Wednesday, 8 February 2023

Questions without notice and ministers statements

Native forest logging


Native forest logging

Ellen SANDELL (Melbourne) (14:24): My question is to the Premier. Premier, over the last few years Victoria’s state-owned logging company, VicForests, has been found to be illegally logging in many areas. So many in fact that the courts have now prevented them from logging across most of the state. In response, VicForests has begun logging in new areas like the Wombat State Forest, which the government promised to turn into a national park, and has even proposed logging in the Dandenong Ranges National Park and around our premier bushwalking trail in the High Country. The question is: does the government believe it is appropriate to log in national parks or areas that are supposed to become national parks?

Members interjecting.

The SPEAKER: Order! The member for Berwick will leave the chamber for 1 hour.

Member for Berwick withdrew from chamber.

Daniel ANDREWS (Mulgrave – Premier) (14:25): I thank the member for Melbourne for her question. First of all, the member is right to say that VicForests have been prevented from logging in a number of settings because of legal action, and I will make no comment about that legal action, given that some of it may well be the subject of further court time. There may be appeals, there may be other processes, and I would not want to cut across those even in this place. It is not appropriate to do that.

In terms of the assertions that the honourable member makes in relation to logging in national parks, there are a number of protections as a function of statute, and we expect they are observed by all. As a political party that in government has added to our forest network, properly protecting both biodiversity and assets that are owned by every single Victorian today, tomorrow and into the future, I can proudly say that where there are structures, where there are rules, where there are protections, then it is the government’s expectation that they are observed by all at all times. I do not want to quarrel with the member for Melbourne, but I think her characterisation of what has or has not occurred in the Wombat State Forest is not accurate, and there are many, including some traditional owners, that would take a very different view of what is occurring in that beautiful, pristine part of our state. It is somewhat disappointing. I am not for a moment questioning the honourable member for Melbourne’s interest and passion about these issues, but it is incumbent on all of us to at least attempt to describe what is going on in accurate terms, particularly when we are talking about a partnership with First Nations Victorians that ought to be singled out for praise, not to be the subject of mischaracterisation. That may well be for many particularly offensive.

The legal action that the member refers to ought not be the subject of debate, but it is material and it is obvious that native timber supplies are under significant pressure, logging activity is under significant pressure, this industry is under pressure. We as a government instead of pretending otherwise were very clear with timber communities and indeed all Victorians when we laid down a comprehensive 10-year plan to transition out of native timber logging, because we knew then and we know now that this industry from a supply point of view is not sustainable. Now, I do not expect everyone in this chamber to agree with me in that, and I have nothing but respect for those timber communities. That is why we are standing with them through what is an incredibly difficult transition. It is only made harder by misinformation and people who ignore realities and make easy decisions instead of providing leadership.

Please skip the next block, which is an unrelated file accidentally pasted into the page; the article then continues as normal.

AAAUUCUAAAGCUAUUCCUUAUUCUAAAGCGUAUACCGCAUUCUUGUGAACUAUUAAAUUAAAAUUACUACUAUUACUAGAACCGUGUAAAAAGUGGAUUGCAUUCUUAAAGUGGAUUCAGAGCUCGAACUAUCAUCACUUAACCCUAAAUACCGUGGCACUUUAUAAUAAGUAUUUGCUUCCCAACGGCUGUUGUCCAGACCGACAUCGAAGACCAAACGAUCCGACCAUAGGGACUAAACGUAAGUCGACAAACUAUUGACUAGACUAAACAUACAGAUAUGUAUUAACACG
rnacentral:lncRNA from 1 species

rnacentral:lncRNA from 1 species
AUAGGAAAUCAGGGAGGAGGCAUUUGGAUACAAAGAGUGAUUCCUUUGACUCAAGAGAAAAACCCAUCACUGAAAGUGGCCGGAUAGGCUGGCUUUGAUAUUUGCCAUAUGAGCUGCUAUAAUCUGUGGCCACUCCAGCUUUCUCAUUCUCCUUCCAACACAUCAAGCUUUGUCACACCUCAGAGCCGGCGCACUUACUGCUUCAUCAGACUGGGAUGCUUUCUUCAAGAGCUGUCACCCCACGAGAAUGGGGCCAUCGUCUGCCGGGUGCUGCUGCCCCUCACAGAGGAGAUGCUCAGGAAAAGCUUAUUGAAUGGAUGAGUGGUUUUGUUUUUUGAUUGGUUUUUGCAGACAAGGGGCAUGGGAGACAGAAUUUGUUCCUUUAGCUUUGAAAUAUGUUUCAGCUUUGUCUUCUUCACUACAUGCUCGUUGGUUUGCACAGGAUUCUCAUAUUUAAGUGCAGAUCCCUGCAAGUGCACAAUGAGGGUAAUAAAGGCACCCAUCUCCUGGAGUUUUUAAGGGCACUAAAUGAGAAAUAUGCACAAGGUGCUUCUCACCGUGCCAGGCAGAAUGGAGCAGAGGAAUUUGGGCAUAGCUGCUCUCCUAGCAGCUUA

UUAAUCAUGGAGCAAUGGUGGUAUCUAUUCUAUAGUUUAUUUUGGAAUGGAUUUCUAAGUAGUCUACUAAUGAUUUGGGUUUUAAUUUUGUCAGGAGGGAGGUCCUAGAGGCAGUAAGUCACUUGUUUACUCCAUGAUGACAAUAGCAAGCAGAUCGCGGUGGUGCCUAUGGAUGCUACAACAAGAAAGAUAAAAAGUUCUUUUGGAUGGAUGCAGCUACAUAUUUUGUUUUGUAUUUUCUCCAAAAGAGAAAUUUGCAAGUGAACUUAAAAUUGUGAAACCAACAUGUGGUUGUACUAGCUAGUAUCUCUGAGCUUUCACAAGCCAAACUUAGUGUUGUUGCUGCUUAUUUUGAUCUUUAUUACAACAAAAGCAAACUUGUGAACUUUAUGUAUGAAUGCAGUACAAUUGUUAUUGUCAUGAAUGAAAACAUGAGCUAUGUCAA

Ellen SANDELL (Melbourne) (14:28): As the Premier knows, most native forest logging in Victoria is done simply to make cheap photocopy paper. Logging is subsidised by the state government, and last year the industry lost over $50 million. The Premier mentioned in his answer that the industry is clearly unsustainable. Shouldn’t we now admit that we should not be making paper out of endangered species’ habitat, and is it not time to bring forward the transition out of native forest logging?

Daniel ANDREWS (Mulgrave – Premier) (14:28): I do thank the member for Melbourne for her supplementary question. I am not sure whether she was reading off some hemp Sanskrit or something, but I think your –

Ellen Sandell interjected.

Daniel ANDREWS: Well, I am not sure what you were reading off, but regardless of what you wrote it on, it is simply incorrect. I do not want to misquote her, but I think the member for Melbourne insinuated that most native timber logging is simply for the purposes of making paper. That is simply wrong. It is a by-product of sawlogs that are used for a good deal of other materials. The Green contingent up there can laugh, but the facts are very, very clear. You have got the bottom of the tree and you have got the top. You have got the by-product and you have got the principal sawlog. If the member for Melbourne would like a briefing on these matters in the hope, albeit maybe a vain hope, that we might all have a more accurate picture of what is actually going on in coupes and mills and timber communities, I am more than happy to facilitate that and perhaps elevate this debate to facts instead of fiction.